One of my friends at university, Philip, is doing a PhD in Chemistry. As a part of this, his supervisor gave him and two others some spreadsheets with large amounts of data in to use in their calculations. The supervisor estimated it would take around 2-3 weeks to process manually in Excel. The other two students got stuck in and I’m sure had a very boring few weeks, but instead Philip fired up Python and wrote some code. It took him about 2 hours to get it to the point of being able to process a single result when the others were already much further in, but the value of programming a solution is that once you can run it once, it takes no effort to run it many times more. Philip finished the 2-3 week assignment in under 3 hours, because of the automation he could apply to the task.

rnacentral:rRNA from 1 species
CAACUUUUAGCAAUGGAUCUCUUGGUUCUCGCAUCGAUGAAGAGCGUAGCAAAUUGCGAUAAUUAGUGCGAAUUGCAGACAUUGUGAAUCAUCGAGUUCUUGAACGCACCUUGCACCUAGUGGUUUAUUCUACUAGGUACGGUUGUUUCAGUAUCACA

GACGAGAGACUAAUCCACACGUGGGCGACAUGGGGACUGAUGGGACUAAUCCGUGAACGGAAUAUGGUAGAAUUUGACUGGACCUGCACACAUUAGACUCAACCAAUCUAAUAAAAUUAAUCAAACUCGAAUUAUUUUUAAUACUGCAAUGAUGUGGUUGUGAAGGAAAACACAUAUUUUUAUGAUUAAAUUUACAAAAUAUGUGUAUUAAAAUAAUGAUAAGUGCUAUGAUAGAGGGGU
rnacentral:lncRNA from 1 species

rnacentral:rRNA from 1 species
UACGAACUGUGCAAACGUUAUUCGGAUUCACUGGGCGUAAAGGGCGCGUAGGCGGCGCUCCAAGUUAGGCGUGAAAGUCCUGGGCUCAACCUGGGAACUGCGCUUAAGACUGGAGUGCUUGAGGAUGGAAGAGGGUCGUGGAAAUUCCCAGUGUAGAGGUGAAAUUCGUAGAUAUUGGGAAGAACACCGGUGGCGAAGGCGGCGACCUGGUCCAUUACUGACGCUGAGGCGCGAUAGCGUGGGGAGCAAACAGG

Even a field like sociology would probably benefit in some ways from a knowledge of programming. Do you want to understand friendship groups? You could survey a few thousand people and get a basic understanding with months of effort, or you could use the Facebook graph API to traverse social groups and have a sample size of millions of people in much less time.
Unemployment on my course at university seems to be nearly unheard of. We are very lucky to be in high demand, and demand only appears to be increasing. As our problems get increasingly more difficult to solve, and the data we are using gets bigger, more and more jobs are going to start requiring programming experience. Already, in scientific research, the applicant who can write up their solution in code so that it can be run on a supercomputer is at a huge advantage over the applicant who can only use Excel. And those who work in business development and market research are at an advantage if they can write SQL database queries, because they can extract more useful information from the data they are given.